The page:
3.2.9. 5i. 2-[3-Amino-5-methyl-5-(pyridin-3-yl)-1,5-dihydro-4H-1,2,4-triazol-4-yl]-3-methyl Butanoic Acid

IR (KBr, cm−1) 3356, 3247, 2817, 2634, 1611, 1583, 1374, 1177, 1059, 983, 708. 1H NMR (400 MHz, DMSO-d6): 1.01 (d, 6H, 2 × CH3), 1.52 (s, 3H, CH3), 2.39 (m, 1H, CH), 3.48 (d, 1H, CH), 4.65 (s, 2H, NH2), 7.00 (s, 1H, NH), 7.42–7.88 (m, 4H, Ar–H), 11.02 (s, 1H, OH) ppm; 13C NMR (100 MHz, DMSO-d6): 16.91, 25.23, 30.24, 65.47, 123.10, 135.42, 139.10, 147.32, 154.06, 177.20 ppm. Anal. Calcd. for C13H19N5O2: C, 56.30, H, 6.91, N, 25.25. Found: C, 56.22, H, 6.92, N, 25.22.

3.2.10. 9a. Ethyl-2-[3-amino-5-methyl-5-(pyridin-3-yl)-1,5-dihydro-4H-1,2,4-triazol-4-yl]-3-sulfanylpropanoate

IR (KBr, cm−1) 3311, 3217, 2937, 1618, 1556, 1373, 1198, 1089, 735. 1H NMR (400 MHz, DMSO-d6): 1.30 (t, 3H, CH3), 1.24 (s, 1H, S–H), 1.52 (s, 3H, CH3), 3.03 (s, 2H, CH2), 3.77 (s, 1H, CH), 4.14 (q, 2H, CH2), 4.85 (s, 2H, NH2), 7.08 (s, 1H, NH), 7.42–7.88 (m, 4H, Ar–H) ppm; 13C NMR (100 MHz, DMSO-d6): 13.64, 25.32, 30.45, 51.45, 59.42, 64.23, 123.14, 135.40, 139.30, 147.45, 149.10, 154.20, 173.15 ppm. Anal. Calcd. for C13H19N5O2S: C, 50.47, H, 6.19, N, 22.64. Found: C, 50.27, H, 6.23, N, 22.67.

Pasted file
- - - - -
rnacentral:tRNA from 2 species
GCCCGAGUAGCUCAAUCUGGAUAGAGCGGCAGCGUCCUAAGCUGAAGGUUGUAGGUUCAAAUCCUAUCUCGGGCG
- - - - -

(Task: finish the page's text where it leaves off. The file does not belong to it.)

4. Conclusion

The use of water as a green solvent and alum as a green catalyst offers a convenient, nontoxic, inexpensive approach for the synthesis of triazole derivatives. This procedure is simpler, economical, milder, and faster, including cleaner reactions, high yields of products, and a simple experimental and workup procedure, which makes it a useful and attractive process and is also consistent with the green chemistry theme which affords good yields.

Conflict of Interests

The authors declare that there is no conflict of interests regarding the publication of this paper.

Acknowledgments

The authors are thankful to the Dean, FET, MITS, for providing necessary research facilities in the department. Financial assistance from FET, MITS, is gratefully acknowledged. They are also thankful to the Director, SAIF, Punjab University, Chandigarh, for the spectral and elemental analyses.